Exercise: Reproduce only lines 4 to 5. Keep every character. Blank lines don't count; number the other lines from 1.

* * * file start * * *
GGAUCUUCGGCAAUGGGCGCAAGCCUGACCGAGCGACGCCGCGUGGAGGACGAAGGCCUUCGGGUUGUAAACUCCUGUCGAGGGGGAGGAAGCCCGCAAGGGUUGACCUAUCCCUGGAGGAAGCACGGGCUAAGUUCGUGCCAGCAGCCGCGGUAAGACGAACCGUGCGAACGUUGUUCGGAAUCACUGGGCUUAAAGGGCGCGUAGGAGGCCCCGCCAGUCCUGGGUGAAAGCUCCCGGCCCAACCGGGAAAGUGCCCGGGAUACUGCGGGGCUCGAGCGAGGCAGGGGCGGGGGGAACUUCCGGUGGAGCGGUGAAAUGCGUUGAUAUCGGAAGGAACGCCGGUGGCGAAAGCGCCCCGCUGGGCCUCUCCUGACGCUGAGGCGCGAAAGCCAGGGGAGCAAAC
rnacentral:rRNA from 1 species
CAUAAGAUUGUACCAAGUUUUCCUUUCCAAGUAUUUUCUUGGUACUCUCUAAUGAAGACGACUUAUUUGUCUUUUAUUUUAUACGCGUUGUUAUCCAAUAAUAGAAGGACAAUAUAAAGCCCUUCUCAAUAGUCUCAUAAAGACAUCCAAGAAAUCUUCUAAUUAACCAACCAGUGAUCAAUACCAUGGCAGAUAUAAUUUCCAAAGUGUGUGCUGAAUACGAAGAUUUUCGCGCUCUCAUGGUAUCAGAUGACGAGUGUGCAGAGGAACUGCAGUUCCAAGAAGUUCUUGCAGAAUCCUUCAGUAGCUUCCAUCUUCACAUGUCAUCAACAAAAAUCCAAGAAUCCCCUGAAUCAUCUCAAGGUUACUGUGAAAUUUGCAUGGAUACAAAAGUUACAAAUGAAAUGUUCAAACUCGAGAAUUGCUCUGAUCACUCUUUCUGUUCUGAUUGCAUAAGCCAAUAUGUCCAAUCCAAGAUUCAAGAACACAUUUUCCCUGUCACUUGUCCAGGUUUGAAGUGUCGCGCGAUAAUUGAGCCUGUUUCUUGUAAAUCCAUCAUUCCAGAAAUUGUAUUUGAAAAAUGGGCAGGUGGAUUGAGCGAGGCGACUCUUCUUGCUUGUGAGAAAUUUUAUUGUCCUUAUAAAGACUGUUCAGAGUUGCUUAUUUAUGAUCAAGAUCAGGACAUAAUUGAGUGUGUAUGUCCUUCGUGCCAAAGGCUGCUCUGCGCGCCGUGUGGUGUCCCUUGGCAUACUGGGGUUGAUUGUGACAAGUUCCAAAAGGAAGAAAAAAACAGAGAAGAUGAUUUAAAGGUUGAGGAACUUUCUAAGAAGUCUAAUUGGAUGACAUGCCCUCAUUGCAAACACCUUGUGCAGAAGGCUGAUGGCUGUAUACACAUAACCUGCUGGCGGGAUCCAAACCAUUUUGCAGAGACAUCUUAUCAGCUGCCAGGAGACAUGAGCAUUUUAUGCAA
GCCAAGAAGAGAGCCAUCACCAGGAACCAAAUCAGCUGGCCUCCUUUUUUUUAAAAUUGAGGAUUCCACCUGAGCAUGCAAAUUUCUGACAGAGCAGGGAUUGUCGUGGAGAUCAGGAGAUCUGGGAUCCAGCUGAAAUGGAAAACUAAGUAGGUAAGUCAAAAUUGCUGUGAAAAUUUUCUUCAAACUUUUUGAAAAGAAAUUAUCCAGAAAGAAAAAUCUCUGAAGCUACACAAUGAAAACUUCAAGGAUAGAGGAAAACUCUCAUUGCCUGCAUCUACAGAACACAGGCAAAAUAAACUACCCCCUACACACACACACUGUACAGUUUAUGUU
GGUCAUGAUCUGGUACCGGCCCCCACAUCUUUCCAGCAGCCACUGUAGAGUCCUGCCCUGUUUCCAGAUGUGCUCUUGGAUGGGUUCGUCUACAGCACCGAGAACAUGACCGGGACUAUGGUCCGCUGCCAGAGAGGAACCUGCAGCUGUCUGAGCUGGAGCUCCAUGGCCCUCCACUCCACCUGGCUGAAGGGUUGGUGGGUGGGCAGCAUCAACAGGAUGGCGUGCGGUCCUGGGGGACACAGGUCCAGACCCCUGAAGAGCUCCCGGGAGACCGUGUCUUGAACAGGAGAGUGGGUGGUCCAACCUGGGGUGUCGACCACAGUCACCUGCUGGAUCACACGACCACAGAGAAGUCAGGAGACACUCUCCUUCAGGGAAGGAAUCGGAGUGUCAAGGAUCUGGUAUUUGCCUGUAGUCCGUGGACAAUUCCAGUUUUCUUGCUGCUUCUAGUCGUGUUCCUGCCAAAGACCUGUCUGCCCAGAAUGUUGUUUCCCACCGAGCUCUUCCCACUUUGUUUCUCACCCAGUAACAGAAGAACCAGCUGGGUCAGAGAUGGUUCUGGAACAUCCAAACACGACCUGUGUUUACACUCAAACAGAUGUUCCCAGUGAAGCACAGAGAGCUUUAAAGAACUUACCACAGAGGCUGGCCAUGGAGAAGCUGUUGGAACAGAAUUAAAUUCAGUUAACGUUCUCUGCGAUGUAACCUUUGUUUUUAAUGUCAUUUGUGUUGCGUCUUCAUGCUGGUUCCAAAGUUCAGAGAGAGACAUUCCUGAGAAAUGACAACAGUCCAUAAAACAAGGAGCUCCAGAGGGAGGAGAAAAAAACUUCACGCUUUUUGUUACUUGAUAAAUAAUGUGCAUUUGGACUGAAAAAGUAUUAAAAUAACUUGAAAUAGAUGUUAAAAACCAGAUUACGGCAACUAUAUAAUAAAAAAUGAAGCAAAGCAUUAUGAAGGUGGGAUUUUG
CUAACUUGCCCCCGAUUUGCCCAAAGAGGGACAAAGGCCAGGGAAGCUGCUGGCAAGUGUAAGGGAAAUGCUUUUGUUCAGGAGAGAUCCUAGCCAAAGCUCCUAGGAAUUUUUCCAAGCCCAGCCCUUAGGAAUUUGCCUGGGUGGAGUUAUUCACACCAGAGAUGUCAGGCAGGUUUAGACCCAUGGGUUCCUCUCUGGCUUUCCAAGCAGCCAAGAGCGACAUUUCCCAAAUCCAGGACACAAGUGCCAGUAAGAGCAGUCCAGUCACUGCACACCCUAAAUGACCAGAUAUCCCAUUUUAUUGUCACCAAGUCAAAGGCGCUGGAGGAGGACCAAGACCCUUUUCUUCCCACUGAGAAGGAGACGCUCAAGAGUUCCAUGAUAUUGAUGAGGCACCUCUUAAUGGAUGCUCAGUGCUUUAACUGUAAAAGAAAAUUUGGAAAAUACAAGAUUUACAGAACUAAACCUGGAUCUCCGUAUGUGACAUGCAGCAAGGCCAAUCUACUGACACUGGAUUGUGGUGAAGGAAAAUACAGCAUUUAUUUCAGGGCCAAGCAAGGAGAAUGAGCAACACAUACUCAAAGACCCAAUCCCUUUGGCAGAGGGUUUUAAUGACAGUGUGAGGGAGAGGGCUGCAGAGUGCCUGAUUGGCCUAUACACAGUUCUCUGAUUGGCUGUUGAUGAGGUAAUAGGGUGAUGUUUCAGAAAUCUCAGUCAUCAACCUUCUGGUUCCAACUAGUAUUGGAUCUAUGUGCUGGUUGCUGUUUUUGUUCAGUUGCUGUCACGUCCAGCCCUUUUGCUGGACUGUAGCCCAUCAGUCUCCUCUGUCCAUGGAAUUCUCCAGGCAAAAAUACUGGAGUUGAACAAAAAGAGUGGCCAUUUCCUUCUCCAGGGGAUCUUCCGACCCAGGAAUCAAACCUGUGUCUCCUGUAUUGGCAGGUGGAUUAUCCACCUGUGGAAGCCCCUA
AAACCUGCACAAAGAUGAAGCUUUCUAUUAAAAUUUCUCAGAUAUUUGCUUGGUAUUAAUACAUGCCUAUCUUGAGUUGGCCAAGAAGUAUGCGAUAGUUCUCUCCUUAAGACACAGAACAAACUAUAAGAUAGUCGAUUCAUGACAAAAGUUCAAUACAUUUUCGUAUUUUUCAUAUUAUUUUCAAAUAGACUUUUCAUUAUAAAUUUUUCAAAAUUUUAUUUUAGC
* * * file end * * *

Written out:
GCCAAGAAGAGAGCCAUCACCAGGAACCAAAUCAGCUGGCCUCCUUUUUUUUAAAAUUGAGGAUUCCACCUGAGCAUGCAAAUUUCUGACAGAGCAGGGAUUGUCGUGGAGAUCAGGAGAUCUGGGAUCCAGCUGAAAUGGAAAACUAAGUAGGUAAGUCAAAAUUGCUGUGAAAAUUUUCUUCAAACUUUUUGAAAAGAAAUUAUCCAGAAAGAAAAAUCUCUGAAGCUACACAAUGAAAACUUCAAGGAUAGAGGAAAACUCUCAUUGCCUGCAUCUACAGAACACAGGCAAAAUAAACUACCCCCUACACACACACACUGUACAGUUUAUGUU
GGUCAUGAUCUGGUACCGGCCCCCACAUCUUUCCAGCAGCCACUGUAGAGUCCUGCCCUGUUUCCAGAUGUGCUCUUGGAUGGGUUCGUCUACAGCACCGAGAACAUGACCGGGACUAUGGUCCGCUGCCAGAGAGGAACCUGCAGCUGUCUGAGCUGGAGCUCCAUGGCCCUCCACUCCACCUGGCUGAAGGGUUGGUGGGUGGGCAGCAUCAACAGGAUGGCGUGCGGUCCUGGGGGACACAGGUCCAGACCCCUGAAGAGCUCCCGGGAGACCGUGUCUUGAACAGGAGAGUGGGUGGUCCAACCUGGGGUGUCGACCACAGUCACCUGCUGGAUCACACGACCACAGAGAAGUCAGGAGACACUCUCCUUCAGGGAAGGAAUCGGAGUGUCAAGGAUCUGGUAUUUGCCUGUAGUCCGUGGACAAUUCCAGUUUUCUUGCUGCUUCUAGUCGUGUUCCUGCCAAAGACCUGUCUGCCCAGAAUGUUGUUUCCCACCGAGCUCUUCCCACUUUGUUUCUCACCCAGUAACAGAAGAACCAGCUGGGUCAGAGAUGGUUCUGGAACAUCCAAACACGACCUGUGUUUACACUCAAACAGAUGUUCCCAGUGAAGCACAGAGAGCUUUAAAGAACUUACCACAGAGGCUGGCCAUGGAGAAGCUGUUGGAACAGAAUUAAAUUCAGUUAACGUUCUCUGCGAUGUAACCUUUGUUUUUAAUGUCAUUUGUGUUGCGUCUUCAUGCUGGUUCCAAAGUUCAGAGAGAGACAUUCCUGAGAAAUGACAACAGUCCAUAAAACAAGGAGCUCCAGAGGGAGGAGAAAAAAACUUCACGCUUUUUGUUACUUGAUAAAUAAUGUGCAUUUGGACUGAAAAAGUAUUAAAAUAACUUGAAAUAGAUGUUAAAAACCAGAUUACGGCAACUAUAUAAUAAAAAAUGAAGCAAAGCAUUAUGAAGGUGGGAUUUUG